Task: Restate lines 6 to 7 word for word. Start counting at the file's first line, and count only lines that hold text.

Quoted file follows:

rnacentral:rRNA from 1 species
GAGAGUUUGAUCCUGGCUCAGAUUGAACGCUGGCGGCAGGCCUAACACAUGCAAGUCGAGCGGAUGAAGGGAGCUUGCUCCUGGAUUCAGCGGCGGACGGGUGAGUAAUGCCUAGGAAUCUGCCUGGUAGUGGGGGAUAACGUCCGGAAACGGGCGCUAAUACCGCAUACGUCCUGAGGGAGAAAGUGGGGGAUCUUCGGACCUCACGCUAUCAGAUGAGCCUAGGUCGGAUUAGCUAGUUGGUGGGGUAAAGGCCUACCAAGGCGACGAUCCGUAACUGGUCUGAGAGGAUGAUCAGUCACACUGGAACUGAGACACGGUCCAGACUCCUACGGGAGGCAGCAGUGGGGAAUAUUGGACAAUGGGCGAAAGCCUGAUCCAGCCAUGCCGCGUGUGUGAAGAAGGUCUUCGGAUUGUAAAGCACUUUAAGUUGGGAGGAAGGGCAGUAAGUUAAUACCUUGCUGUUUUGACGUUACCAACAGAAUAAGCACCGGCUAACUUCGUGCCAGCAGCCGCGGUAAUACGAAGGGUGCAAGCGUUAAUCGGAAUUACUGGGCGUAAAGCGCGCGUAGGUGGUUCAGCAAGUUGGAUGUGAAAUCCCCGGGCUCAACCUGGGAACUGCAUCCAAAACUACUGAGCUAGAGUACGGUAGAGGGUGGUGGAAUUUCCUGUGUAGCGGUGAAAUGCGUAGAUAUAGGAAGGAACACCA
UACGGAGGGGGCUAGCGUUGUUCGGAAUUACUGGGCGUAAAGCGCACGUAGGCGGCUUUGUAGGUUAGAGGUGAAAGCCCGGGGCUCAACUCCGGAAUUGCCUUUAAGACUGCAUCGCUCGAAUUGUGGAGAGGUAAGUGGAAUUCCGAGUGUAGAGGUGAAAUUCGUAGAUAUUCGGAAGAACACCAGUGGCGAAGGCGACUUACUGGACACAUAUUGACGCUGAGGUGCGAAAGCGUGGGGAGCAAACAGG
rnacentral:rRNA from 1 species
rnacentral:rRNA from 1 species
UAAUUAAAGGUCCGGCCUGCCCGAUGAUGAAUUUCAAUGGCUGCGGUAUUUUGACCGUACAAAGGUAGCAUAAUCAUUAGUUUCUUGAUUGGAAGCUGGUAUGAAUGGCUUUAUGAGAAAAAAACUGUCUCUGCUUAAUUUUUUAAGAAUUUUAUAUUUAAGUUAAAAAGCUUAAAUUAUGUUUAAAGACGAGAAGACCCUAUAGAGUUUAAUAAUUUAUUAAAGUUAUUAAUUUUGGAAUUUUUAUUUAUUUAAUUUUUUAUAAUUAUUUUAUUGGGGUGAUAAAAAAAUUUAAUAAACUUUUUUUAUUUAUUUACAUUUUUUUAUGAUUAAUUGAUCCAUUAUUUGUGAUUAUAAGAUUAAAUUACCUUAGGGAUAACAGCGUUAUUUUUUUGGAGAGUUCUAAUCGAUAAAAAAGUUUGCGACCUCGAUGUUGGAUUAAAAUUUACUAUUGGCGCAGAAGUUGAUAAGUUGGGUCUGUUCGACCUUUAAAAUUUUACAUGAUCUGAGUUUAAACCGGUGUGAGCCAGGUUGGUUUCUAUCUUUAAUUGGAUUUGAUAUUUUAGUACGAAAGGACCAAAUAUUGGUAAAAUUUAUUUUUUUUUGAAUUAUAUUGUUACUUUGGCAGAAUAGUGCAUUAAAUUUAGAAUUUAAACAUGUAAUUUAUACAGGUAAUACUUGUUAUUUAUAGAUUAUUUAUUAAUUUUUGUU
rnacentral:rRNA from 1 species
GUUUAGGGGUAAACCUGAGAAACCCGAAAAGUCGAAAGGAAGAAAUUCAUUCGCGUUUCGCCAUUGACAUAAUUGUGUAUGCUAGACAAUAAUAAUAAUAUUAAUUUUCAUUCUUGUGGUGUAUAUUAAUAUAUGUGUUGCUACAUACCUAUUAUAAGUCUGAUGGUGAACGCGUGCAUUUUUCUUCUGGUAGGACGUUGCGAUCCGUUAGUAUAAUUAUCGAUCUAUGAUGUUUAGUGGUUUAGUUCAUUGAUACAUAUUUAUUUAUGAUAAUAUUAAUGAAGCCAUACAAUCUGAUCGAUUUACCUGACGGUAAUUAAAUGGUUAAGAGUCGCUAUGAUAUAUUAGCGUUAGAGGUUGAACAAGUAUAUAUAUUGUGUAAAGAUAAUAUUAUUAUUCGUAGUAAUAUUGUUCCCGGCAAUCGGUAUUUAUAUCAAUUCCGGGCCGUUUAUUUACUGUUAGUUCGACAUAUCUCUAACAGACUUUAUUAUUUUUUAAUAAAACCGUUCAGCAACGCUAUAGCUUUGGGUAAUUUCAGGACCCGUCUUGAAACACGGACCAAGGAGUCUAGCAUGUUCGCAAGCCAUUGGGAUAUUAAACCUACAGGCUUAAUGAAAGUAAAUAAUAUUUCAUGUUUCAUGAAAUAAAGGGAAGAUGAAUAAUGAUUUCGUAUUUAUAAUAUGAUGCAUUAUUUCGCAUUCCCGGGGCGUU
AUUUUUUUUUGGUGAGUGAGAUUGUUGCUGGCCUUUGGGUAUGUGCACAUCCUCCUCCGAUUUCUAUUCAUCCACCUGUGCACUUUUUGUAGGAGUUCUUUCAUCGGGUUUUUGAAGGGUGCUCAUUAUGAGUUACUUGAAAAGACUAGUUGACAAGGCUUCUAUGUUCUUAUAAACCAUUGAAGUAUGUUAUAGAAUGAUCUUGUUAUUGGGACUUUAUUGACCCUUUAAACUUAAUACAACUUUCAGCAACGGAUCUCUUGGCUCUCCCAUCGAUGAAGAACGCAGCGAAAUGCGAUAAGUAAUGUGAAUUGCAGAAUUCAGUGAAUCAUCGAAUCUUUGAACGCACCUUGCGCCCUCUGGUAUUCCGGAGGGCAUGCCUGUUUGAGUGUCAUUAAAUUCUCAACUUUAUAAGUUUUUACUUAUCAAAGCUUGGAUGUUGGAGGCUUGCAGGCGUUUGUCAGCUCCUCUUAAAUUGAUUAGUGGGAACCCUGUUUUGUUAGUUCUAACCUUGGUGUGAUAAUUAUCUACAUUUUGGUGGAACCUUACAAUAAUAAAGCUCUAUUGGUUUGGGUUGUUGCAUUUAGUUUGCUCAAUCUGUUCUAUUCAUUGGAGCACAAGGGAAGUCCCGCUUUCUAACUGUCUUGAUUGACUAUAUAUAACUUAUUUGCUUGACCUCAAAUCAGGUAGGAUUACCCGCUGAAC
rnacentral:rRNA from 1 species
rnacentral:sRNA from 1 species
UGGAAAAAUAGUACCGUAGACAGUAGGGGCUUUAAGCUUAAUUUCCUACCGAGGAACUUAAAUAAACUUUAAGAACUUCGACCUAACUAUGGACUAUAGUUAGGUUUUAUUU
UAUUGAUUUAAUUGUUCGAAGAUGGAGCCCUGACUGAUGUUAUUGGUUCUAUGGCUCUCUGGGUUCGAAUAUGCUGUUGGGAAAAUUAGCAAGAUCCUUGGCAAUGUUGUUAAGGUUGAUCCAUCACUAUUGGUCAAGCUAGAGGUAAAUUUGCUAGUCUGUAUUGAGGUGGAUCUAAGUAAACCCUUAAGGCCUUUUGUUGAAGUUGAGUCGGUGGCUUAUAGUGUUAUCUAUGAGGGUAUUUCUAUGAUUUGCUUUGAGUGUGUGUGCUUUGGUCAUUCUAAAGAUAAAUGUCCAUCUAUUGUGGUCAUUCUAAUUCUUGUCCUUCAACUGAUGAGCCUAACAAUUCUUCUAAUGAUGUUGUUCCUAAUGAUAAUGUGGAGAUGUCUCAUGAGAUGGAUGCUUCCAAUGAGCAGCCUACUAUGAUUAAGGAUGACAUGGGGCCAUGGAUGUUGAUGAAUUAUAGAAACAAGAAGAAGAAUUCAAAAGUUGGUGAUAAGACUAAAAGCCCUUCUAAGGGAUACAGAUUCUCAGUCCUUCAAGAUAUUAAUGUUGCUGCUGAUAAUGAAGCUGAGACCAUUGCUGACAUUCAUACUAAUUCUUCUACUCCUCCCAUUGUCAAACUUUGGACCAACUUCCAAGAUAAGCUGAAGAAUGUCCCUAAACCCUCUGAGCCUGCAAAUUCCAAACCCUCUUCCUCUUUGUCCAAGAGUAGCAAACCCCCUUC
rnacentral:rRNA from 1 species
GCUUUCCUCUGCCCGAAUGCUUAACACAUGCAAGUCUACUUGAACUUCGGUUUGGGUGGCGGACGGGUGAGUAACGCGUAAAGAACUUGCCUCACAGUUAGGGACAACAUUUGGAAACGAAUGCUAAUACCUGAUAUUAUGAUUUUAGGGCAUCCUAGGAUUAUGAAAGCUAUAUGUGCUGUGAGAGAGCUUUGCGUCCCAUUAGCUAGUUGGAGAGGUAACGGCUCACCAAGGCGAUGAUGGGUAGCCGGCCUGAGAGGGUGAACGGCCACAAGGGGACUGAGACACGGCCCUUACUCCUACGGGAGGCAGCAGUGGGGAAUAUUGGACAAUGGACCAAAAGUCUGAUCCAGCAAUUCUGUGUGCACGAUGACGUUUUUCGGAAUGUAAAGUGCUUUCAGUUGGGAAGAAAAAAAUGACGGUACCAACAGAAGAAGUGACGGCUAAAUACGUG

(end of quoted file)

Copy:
UAAUUAAAGGUCCGGCCUGCCCGAUGAUGAAUUUCAAUGGCUGCGGUAUUUUGACCGUACAAAGGUAGCAUAAUCAUUAGUUUCUUGAUUGGAAGCUGGUAUGAAUGGCUUUAUGAGAAAAAAACUGUCUCUGCUUAAUUUUUUAAGAAUUUUAUAUUUAAGUUAAAAAGCUUAAAUUAUGUUUAAAGACGAGAAGACCCUAUAGAGUUUAAUAAUUUAUUAAAGUUAUUAAUUUUGGAAUUUUUAUUUAUUUAAUUUUUUAUAAUUAUUUUAUUGGGGUGAUAAAAAAAUUUAAUAAACUUUUUUUAUUUAUUUACAUUUUUUUAUGAUUAAUUGAUCCAUUAUUUGUGAUUAUAAGAUUAAAUUACCUUAGGGAUAACAGCGUUAUUUUUUUGGAGAGUUCUAAUCGAUAAAAAAGUUUGCGACCUCGAUGUUGGAUUAAAAUUUACUAUUGGCGCAGAAGUUGAUAAGUUGGGUCUGUUCGACCUUUAAAAUUUUACAUGAUCUGAGUUUAAACCGGUGUGAGCCAGGUUGGUUUCUAUCUUUAAUUGGAUUUGAUAUUUUAGUACGAAAGGACCAAAUAUUGGUAAAAUUUAUUUUUUUUUGAAUUAUAUUGUUACUUUGGCAGAAUAGUGCAUUAAAUUUAGAAUUUAAACAUGUAAUUUAUACAGGUAAUACUUGUUAUUUAUAGAUUAUUUAUUAAUUUUUGUU
rnacentral:rRNA from 1 species